What I've been up to

Hey there.  So it's been about four years since I wrote anything solid here.  During that time I've been doing a lot of things, some of which might be interesting to you, the fun-filled people out there on the Internet.



Finished my Degree
Late 2010 I completed my Bachelor of Business (Entrepreneurship).  This was without doubt one of the most frustrating things I have ever done in my life, but also the most rewarding.  The night I went up and collected my certificate, I had a feeling and expression of excitement and happiness of completion of something hard.  I had never experienced that before.  All the hard work made that moment worth it, and looking back, I got a lot of value from my degree.  The content itself was not the most important thing, but the connections I made, the books I was referred to and the teachers I had made some of these times really priceless and valuable.

I spent four years working as a consultant before stepping back into active management earlier this year.  I learned a lot of knowledge and skills being a consultant, and I couldn't say that I wouldn't do it again in the future.  I can say however that I am grateful to be back in an active management position, one where I have a greater impact on the business results.  I see massive value in coaching and advisory services, it's more a matter of how these services are delivered that I question nowadays.

Religious Roots
About two and a half years ago I was having dinner with a few friends, and I was very skeptical about the religion in which I was brought up, Christianity.  Cleaning up post dinner I remember asking one of my mates who was really devout, "How do you know the Bible is true anyway?" His response was, "Oh, I just take the Bible as truth and everything has to conform with that." Despite the simplicity of the answer, I left that night determined that in order to continue to profess any level of allegiance to Christianity I needed to at least know what the Bible said.  It took me about 14/15 months to read through the whole thing (not including the Apocrypha contained in the Catholic Bible, which I still have to finish reading one day).  During this time I learned the following important lessons:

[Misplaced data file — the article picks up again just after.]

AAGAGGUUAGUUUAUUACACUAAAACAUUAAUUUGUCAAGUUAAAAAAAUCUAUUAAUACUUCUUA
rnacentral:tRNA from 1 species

1. If you are going to read the Bible, I found reading plans didn't work for me as I constantly feel behind the daily commitment required.  Whilst disciplined, I didn't read it every day.  Instead, I did a cover to cover read, taking a minimum of one or two chapters at a time.
  2. Most people that belong to a religion have never read their own religious book in its entirety, and consequently can only tell you what they believe not what their religion actually teaches.  These beliefs are often subjective, and not congruent with the teachings of their own religion.  Consequently, you are more often than not getting opinions when you start asking questions beyond the fundamentals. Note: I have been and am as guilty as anyone else in this matter.
  3. By reading the book, you are often able to refute a number of these beliefs, as many are clearly contradictory to the plain teaching of the books themselves.  That doesn't mean you should argue with others, but rather than you can formulate your own opinions on the matter.
  4. The default position historically in Christianity appears to be Catholicism.  Most other churches don't use the word Catholic positively anymore, but history shows that most churches not Catholic try to justify why they are Catholic, at least in the early stages.  Catholic by definition means 'universal'. The reformation, which occurred in the 16th and 17th Centuries has led to many of the churches that exist today, and they are known Protestant (Protest-ant) churches or denominations, meaning they are protesting against the Catholic church for some reason.  This is important to note when studying history.